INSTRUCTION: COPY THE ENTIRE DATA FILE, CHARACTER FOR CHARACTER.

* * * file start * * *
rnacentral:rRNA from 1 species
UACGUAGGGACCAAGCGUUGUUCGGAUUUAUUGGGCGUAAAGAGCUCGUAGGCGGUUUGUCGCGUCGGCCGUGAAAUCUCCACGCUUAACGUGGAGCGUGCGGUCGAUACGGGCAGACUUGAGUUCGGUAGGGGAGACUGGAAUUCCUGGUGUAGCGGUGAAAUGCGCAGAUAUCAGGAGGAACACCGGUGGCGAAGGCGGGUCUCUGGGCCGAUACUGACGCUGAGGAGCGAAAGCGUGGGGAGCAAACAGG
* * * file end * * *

rnacentral:rRNA from 1 species
UACGUAGGGACCAAGCGUUGUUCGGAUUUAUUGGGCGUAAAGAGCUCGUAGGCGGUUUGUCGCGUCGGCCGUGAAAUCUCCACGCUUAACGUGGAGCGUGCGGUCGAUACGGGCAGACUUGAGUUCGGUAGGGGAGACUGGAAUUCCUGGUGUAGCGGUGAAAUGCGCAGAUAUCAGGAGGAACACCGGUGGCGAAGGCGGGUCUCUGGGCCGAUACUGACGCUGAGGAGCGAAAGCGUGGGGAGCAAACAGG